Stay Safe in the Sun: Smart Wearables to Monitor UV Radiation

Uv ray wearables

The energy radiated by the sun comes in a wide range of wavelengths, most of which are not visible to our eyes. Sunlight is the main source of ultraviolet (UV) rays. The Earth’s atmosphere prevents most of the Sun’s UV radiation from penetrating through the atmosphere. The small amount that gets through has both positive and negative effects. While UV ray has some beneficial effects on our health, over-exposure to this ray is a major risk factor for most skin cancers.

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Smart wearables to monitor UV radiation are few and far between. Depending on the brand, these UV monitors can be worn in various ways. Some of them clip on to your clothes, some come in the form of wristbands and some have an adhesive that sticks directly to your skin. We’ve made a list of 5 UV wearables to keep you safe from sunlight.


Uv ray wearables

QSun is a wearable that detects UV exposure and displays UV index using its five LED displays. When you give it a shake, it’ll show your UV index. That’s the measurement of how powerful UV radiation beaming from the sun is. The iOS and Android-friendly app allows you to keep track of how long you have been out in the sun before you start to burn. It will vibrate when you’ve been in the sun for too long. The AI in the device takes skin type into consideration as well, to help determine the time you should spend out in the sun. If you apply some sunscreen, two shakes on the QSun will let it know and it’ll take that into consideration while you’re catching some rays. The device also has step count feature which it can pull from Apple Health and Google Fit to let you know how much of your daily activity was spent in safe UV exposure. After a successful Kickstarter campaign, QSun is now available to buy.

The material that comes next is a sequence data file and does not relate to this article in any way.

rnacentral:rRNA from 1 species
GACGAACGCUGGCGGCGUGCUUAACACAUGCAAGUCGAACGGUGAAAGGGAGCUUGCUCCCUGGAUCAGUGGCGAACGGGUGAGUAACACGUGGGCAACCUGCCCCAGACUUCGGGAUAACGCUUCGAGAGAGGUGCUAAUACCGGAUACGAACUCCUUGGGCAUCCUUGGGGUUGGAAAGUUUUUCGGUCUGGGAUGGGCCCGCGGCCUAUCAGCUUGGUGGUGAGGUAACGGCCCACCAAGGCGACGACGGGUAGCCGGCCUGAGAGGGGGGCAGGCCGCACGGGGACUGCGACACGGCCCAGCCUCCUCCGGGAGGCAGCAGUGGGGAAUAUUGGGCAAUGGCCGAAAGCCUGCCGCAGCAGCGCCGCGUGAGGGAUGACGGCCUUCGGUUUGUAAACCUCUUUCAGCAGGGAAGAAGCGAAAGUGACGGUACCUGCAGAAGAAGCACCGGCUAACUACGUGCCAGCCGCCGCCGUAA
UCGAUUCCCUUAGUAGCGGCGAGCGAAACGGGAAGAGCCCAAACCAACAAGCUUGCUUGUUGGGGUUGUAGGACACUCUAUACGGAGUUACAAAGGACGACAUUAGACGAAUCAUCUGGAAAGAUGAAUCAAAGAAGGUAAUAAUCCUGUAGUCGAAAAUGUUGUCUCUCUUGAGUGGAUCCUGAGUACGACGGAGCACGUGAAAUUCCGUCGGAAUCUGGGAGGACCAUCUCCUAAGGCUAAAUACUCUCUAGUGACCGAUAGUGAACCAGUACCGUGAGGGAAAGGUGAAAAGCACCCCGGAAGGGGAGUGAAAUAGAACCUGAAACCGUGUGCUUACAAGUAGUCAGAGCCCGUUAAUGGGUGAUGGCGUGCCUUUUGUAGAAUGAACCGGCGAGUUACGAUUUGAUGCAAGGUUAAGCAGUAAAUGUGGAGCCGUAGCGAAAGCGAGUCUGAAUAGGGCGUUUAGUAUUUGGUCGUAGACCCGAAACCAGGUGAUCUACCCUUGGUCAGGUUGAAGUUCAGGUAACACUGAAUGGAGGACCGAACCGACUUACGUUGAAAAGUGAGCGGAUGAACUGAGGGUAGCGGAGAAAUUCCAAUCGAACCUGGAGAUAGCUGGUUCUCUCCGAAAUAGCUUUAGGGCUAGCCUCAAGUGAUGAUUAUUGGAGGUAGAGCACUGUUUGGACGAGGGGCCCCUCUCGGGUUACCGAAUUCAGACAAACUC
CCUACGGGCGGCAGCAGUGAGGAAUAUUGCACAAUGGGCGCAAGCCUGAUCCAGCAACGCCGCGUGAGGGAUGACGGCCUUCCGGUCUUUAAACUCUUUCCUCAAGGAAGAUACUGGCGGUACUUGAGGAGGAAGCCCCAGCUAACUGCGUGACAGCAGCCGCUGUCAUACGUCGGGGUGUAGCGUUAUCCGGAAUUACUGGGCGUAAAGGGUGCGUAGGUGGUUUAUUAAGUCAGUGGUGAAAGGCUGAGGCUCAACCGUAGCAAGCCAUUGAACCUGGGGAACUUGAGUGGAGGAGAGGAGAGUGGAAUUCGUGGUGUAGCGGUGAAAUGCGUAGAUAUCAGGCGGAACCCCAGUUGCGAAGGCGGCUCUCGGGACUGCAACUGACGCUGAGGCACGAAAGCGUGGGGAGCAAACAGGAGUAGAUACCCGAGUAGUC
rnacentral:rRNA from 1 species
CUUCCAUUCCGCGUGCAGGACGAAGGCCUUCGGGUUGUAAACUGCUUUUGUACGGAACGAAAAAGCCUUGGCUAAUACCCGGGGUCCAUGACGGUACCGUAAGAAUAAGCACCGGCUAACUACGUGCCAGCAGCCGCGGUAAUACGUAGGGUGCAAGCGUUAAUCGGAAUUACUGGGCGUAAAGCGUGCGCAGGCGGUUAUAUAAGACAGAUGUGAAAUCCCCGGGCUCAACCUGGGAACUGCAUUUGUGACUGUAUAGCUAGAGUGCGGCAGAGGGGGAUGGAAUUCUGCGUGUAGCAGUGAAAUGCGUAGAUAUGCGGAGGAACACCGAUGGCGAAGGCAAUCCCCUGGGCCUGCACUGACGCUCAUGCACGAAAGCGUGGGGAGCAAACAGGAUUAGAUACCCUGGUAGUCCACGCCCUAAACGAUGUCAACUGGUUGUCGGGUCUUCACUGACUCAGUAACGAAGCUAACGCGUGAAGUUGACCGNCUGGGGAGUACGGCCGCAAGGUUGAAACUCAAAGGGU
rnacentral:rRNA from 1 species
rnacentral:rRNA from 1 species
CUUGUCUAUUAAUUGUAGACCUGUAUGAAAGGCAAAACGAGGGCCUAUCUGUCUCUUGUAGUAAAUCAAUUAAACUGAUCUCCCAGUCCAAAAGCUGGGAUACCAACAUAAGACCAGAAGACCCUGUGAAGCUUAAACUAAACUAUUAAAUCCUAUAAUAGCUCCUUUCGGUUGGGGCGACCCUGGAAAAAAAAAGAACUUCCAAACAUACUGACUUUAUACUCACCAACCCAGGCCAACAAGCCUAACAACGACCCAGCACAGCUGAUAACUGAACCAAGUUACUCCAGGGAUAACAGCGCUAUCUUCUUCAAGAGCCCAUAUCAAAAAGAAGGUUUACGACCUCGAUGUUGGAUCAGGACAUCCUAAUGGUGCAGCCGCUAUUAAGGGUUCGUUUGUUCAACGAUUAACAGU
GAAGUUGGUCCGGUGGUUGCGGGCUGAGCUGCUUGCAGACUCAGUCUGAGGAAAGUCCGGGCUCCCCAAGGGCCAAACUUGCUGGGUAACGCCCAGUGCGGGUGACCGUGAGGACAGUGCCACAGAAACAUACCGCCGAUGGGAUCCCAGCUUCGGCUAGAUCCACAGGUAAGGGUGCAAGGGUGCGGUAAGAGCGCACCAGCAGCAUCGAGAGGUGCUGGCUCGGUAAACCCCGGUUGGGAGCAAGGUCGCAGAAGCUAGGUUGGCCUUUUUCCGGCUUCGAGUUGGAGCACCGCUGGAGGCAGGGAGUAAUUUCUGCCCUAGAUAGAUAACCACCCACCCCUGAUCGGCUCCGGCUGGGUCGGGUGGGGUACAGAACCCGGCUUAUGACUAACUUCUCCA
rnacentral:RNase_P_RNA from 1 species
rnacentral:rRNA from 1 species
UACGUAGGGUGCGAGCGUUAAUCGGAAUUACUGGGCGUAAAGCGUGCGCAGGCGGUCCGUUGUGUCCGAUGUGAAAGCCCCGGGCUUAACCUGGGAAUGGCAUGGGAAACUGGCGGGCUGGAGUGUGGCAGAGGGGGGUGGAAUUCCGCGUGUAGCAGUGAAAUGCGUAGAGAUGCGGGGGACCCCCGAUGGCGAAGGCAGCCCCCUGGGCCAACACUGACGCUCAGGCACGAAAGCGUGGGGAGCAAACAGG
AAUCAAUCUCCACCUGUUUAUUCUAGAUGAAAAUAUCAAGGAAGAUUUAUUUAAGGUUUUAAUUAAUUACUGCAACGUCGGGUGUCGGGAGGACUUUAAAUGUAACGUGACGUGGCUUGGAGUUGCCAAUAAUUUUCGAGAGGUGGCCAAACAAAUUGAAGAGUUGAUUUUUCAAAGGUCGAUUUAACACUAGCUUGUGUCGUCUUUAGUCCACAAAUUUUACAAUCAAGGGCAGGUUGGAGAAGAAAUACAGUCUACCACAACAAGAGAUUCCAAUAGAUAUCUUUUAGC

L’Oreal My UV Patch

L’Oreal became the first beauty company to enter the stretchable electronics field when it developed L’Oreal My UV Patch, a wearable, stretchable sensor that connects to a user’s smartphone to monitor the wearer’s sun exposure. The patch is about one square inch in size and 50 micrometers thick. It works like a removable tattoo or a nicotine patch, sticking to the skin for five days. Once applied, the wearable is showerproof, has no batteries, and there is no initial cost or ongoing cost. The photosensitive dyes contained in the wearable factors in the baseline skin tone and change colors when exposed to UV rays. Users take a photo of the patch and upload it via NFC to the accompanying smartphone app, which then analyzes the varying photosensitive dye squares to determine the amount of UV exposure.

Rooti CliMate

Uv ray wearables

If you want to keep track of your UV exposure but don’t like wearing a wristband, Rooti CliMate is for you. In addition to UV tracking, the device also detects temperature and humidity. You just have to make sure the sensor is facing the sun in order to get an accurate reading. It can be clipped onto clothing on any part of the body. The data is wirelessly synced to the CliMate app, which provides recommendations based on the wearer’s precise Fitzpatrick skin type and the SPF level of any sunscreen applied.


This attachable sensor lets you know the exact amount of UV light you can be exposed to before increasing your chances of skin damage. When we say ‘exact,’ it means it is validated to be as precise as lab equipment and even sensitive enough to measure UV rays from light bulbs.

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SunFriend Personal UV Monitor

Back in 2014, this Indiegogo backed project became one of the first smart UV monitors on the market. The device is water-resistant and does not need Bluetooth, meaning it works independent of phones. The LED’s flash to alert you as you reach your daily limit of safer UV exposure. All you have to do is set your own personal sensitivity level to match your specific skin type and color, and the wearable takes care of the rest. Approved by the Vitamin D Council, the bracelet helps you optimize vitamin D from the sun while preventing overexposure. The SunFriend Personal UV Monitor is inexpensive and you don’t have to worry about battery-life as it can go on for 3 years.

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Sam Draper
Sam Draper () is Online Editor at WT | Wearable Technologies specialized in the field of sports and fitness but also passionated about any new lifestyle gadget on the market. Sam can be contacted at press(at)